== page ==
The robots look somewhere between ridiculous and creepy as they shimmy up walls, bop up and down, and sort crockery. Ridiculous because their motions seem like the machine equivalent of a drunk uncle on a wedding dance floor, all extraneous motion and unearned confidence, but creepy because there’s something deeper, something more fundamentally alive in strange, silly movements.

These robots — soft robots, to be a hair more technical — may look like a mere novelty, but there’s a reason the research behind them is featured Wednesday in the journal Science Robotics. Jamie Paik, one of their creators and the director of the Reconfigurable Robotics Laboratory at the Swiss Institute of Technology, tells Inverse these machines have a chance to revolutionize how humans and robots interact. It’s a shift that’s really begun to take hold over the past three years.

“Our focus in robotics and design of robotics has changed from making robots faster and more intelligent, more accurate than humans, to how we bring robots into our everyday lives,” she says. “And in that case what’s most important is not so much the mechanical performance but the safety, the intuitive usage, the interactivity, and the adaptiveness to certain tasks that are not necessarily known at the time of construction of the robot.”

When thinking of the robot of the future, Paik’s descriptions don’t sound much like C-3PO, or even a real-life military robot like the terrifying “dog” Spot. Rather, she imagines robots that are part of our lives in much the same way that, say, smartphones are. An iPhone is fundamentally a tool, or really dozens of tools in one: phone, camera, web browser, music player, instant messenger, flashlight, among many others.

soft robot
Shimmying up the wall.

Soft robots like the ones Paik has developed aspire to that same kind of multifaceted usefulness. They would have apps just like your phone does, meaning you wouldn’t need to be an expert roboticist to use them anymore than you need to be a programmer to navigate all a smartphone can do. Where Paik’s team has made the biggest advance over what was previously possible lies in the robots’ versatility.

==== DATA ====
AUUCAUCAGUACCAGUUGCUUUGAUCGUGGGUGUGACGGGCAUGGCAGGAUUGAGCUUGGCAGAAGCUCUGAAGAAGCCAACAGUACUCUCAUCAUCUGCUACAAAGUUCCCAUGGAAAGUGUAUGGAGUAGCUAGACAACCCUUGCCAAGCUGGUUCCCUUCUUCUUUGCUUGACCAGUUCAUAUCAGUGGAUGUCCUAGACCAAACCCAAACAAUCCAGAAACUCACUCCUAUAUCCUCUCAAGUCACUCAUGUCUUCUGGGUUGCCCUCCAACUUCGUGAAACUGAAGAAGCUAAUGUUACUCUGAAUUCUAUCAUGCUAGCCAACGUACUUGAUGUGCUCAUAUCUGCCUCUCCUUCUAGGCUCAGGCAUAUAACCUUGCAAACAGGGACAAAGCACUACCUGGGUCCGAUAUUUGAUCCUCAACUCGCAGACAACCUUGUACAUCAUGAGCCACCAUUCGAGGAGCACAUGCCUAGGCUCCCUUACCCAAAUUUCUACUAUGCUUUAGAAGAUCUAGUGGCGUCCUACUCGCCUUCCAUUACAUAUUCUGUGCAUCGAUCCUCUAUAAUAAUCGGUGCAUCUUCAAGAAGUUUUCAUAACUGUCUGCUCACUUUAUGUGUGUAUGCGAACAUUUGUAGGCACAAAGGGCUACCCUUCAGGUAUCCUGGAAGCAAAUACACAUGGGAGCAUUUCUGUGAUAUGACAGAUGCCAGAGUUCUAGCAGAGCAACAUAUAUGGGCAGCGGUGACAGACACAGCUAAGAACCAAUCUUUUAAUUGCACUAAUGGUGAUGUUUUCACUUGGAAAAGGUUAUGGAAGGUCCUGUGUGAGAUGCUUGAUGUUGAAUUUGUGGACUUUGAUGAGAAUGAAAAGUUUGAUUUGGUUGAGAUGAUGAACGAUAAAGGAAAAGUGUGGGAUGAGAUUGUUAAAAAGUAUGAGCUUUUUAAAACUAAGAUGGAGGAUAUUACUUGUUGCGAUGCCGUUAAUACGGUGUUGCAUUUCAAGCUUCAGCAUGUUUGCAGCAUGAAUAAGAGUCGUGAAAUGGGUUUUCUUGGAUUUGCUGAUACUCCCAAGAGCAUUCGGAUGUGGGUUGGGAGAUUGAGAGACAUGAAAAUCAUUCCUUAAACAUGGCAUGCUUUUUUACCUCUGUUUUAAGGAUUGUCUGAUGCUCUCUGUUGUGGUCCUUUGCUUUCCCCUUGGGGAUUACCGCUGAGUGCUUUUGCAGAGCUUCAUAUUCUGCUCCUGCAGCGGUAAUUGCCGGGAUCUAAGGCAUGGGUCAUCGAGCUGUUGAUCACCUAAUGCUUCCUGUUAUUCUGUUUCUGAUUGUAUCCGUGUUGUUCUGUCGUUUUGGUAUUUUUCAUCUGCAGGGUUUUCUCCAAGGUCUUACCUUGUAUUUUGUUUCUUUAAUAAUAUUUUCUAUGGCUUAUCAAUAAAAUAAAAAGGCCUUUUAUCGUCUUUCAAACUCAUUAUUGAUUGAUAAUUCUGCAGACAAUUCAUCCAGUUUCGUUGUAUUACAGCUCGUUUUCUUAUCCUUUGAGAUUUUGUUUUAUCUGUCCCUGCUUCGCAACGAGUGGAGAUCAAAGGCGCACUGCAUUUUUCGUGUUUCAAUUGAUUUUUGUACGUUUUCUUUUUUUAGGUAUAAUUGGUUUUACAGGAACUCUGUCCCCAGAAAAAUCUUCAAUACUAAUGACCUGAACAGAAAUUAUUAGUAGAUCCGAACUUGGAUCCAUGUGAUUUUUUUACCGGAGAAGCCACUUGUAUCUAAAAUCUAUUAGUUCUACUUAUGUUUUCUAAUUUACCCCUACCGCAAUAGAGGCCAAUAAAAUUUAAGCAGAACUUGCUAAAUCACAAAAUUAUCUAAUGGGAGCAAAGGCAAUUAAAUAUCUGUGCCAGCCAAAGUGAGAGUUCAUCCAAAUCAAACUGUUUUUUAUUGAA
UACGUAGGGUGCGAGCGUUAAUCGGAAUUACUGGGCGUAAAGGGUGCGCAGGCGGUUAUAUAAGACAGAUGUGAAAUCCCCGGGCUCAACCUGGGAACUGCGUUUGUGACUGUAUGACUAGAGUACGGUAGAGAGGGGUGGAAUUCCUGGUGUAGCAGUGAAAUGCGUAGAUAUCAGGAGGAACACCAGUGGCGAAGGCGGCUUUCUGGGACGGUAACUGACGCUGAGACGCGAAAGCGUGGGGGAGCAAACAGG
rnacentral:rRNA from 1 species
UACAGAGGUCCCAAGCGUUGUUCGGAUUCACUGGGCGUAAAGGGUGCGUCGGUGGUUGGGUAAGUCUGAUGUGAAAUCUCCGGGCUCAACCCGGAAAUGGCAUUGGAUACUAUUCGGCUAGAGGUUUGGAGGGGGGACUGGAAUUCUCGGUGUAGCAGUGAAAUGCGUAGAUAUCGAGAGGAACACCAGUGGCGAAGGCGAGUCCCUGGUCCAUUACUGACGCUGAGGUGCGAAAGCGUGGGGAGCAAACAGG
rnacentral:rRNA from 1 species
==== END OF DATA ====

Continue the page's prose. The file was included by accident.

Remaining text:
“There’s a lot of roboticists who talk about modularity of the robot, and the plug and play-ness of modules, but they’re never really truly plug-and-play,” she says. “You have to spend a day assembling or disassembling, spend another day designing, spend another day programming. So that’s the extent of modularity. This one you can take it apart and put it back in and it will still be functional.”

For now, these robots still are not too much more than toys, but it’s early days. The most basic commercially available version of these robots would live in your toolbox, providing simple, preprogrammed assistance for household tasks.

“When you need to have something hold your nails for you, and you don’t have a free hand or arm, these are the robots you can call out,” she says.

soft robots
Or sort tupperware, as the case may be.

But that’s just the beginning. Wearables are a particularly exciting application for these robots, she says. These robots’ programmed movements and ability to take in sensory data from its environment and adjust — the crucial bit that makes a robot a robot — could help them guide humans through physical therapy. Attach the robot to, say, a sprained ankle, and it would help you rehab it with precisely the right movements to make your recovery go smoothly. If you’re looking to up your sports game, it could help you perfect the mechanics of the swing of a bat or golf club, or help you build the muscle memory to throw a tight spiral.

Building in this kind of versatility could also make a big difference when the stakes are highest. Robots already play a crucial role in modern surgeries, but no two patients are ever the same, which means as much as half the procedure is taken up with simply reprogramming the robot to do its job correctly. Soft robots like these could cut down on that time, intuitively adjusting to the patient’s body.

These soft robots don’t yet incorporate artificial intelligence into their programming, and Paik says she’s not an expert on the subject. Researchers focused on A.I. are working on robots’ minds, whereas she’s looking much more at the body. But improving the latter will ease the task of the former.

“It really reduces what A.I. experts need to do,” she says. “So if you have a very dumb body, there’s only so much a 70-year-old body can do with a really, really smart head. It’s much nicer to have a novice, 16-year-old body that may not have as much knowledge, but the body is already so much more agile that it’s less prone to break its hip when it falls down. I’d like to think these types of prototypes and hardwares give a much better platform for A.I. engineers and roboticists to give more tasks that are more exciting.”

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